The funds, which are part of a broader environmental initiative already launched by the Hollywood superstar, will support companies developing business models and technologies that help address some of the toughest challenges posed by climate change.
“This global existential threat is not something that’s going to be solved by a smattering of elite mega-corporations,” the Iron Man actor said at the event. “I think that paradigm must be smashed in favor of innovation by a broad set of new companies.”
Speaking to Forbes ahead of the formal announcement of FootPrint Coalition Ventures (FCV), Downey stressed that the funds represent an important extension of the work of the FootPrint Coalition, a philanthropic project that he debuted in 2019 to bring together investors, donors and storytellers to help scale solutions to pressing environmental issues.
“This is no time to be an audience member,” Downey said. ”We are getting quite damn serious about our ability to be relevant in this space.” FCV’s aim is to back for-profit ventures that can become significant players in their fields while combating climate change.
One of the funds will focus on seed and Series A investments while the other will focus on later-stage opportunities, from B rounds onwards. FCV hopes to attract thousands of qualified and accredited investors using a rolling fund model, administered in conjunction with AngelList, that accepts quarterly subscriptions.
The funds will be run by veteran tech investors and entrepreneurs Jon Schulhof and Steve Levin. (Levin is also Downey’s brother-in-law and a cofounder of Team Downey, a TV, film and digital production company that he co-leads with Downey and the star’s wife, Susan Downey.) Rachel Kropa, who joined the FootPrint Coalition last year to run its scientific and philanthropic efforts, will be responsible for assessing the broad environmental, social and governance benefits of potential fund investments.
Downey, who Forbes estimates earned $66 million in 2019 from his movie work and other sources, provided most of the $10 million used to get the FootPrint Coalition itself up and running and will be putting his own money into the funds. “I’m willing to demonstrate just how in the game my skin is,” he told Forbes.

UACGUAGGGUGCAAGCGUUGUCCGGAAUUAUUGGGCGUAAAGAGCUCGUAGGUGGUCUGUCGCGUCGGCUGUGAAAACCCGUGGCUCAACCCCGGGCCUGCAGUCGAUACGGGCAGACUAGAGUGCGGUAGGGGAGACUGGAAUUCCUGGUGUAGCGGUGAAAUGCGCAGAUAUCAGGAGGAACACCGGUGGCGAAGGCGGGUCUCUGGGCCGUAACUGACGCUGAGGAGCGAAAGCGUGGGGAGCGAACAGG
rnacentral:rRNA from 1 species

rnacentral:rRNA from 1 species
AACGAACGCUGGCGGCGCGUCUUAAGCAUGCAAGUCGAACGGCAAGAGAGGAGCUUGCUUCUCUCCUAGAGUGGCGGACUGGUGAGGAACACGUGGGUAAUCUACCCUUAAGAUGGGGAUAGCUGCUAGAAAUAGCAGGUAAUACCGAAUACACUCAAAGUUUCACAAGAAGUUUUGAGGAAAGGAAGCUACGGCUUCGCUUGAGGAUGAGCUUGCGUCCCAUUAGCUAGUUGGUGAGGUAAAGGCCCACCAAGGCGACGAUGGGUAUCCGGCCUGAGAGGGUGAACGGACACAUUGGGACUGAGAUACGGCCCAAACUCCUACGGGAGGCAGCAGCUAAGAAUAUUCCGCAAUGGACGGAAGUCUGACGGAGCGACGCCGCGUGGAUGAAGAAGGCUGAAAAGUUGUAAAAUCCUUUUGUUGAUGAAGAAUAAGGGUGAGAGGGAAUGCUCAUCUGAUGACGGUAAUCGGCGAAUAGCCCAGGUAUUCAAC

Schulhof says he, Downey and other partners will invest 10% of the capital in each rolling fund up to a cap of $500,000 a year for the early-stage one and $1 million a year for the later-stage vehicle—though those caps on their commitments may be raised depending on how the funds develop. The team will hunt for promising young companies in fields ranging from food production to energy and materials science. It will also look at media opportunities related to green tech.
FCV has already made its first investment, participating in a $50 million funding round for Los Angeles-based Aspiration, a financial lender that ensures customers’ money is invested in sustainable projects rather than ones involving things such as fossil fuels. “With the FootPrint Coalition, Robert Downey Jr. is literally putting his money where his mouth is and leading others to do the same,” said Andrei Cherny, Aspiration’s cofounder and CEO, in emailed comments to Forbes. “There are just not enough people with the platform and profile he has who are willing to take that kind of bold step.”
FCV may also invest in future rounds raised by companies that the FootPrint Coalition has already backed itself. These include Ynsect, which is building the world’s largest integrated production factory for turning insects—and mealworms, in particular—into proteins for animals and fertilizers, and Cloud Paper, which uses ultra-renewable bamboo to create products such as toilet paper and paper towels.
The movie star and his colleagues will be entering a crowded market. A report published last year by the Forum for Responsible and Sustainable Investment found that U.S.-based assets under investment using sustainable investing strategies totaled just over $17 trillion, or about a third of U.S. assets under professional management.
Downey, who intends to use his storytelling skills and huge following on social media to help the funds and the companies they invest in, says he’s excited by the challenge of making a difference. And he’s already getting into the new role of venture investor, joking that he’ll be seen like one of the financial backers who put entrepreneurs through their paces on ABC’s Shark Tank series.
“I am the shark,” he said, “that wants to tell the story about saving my species.”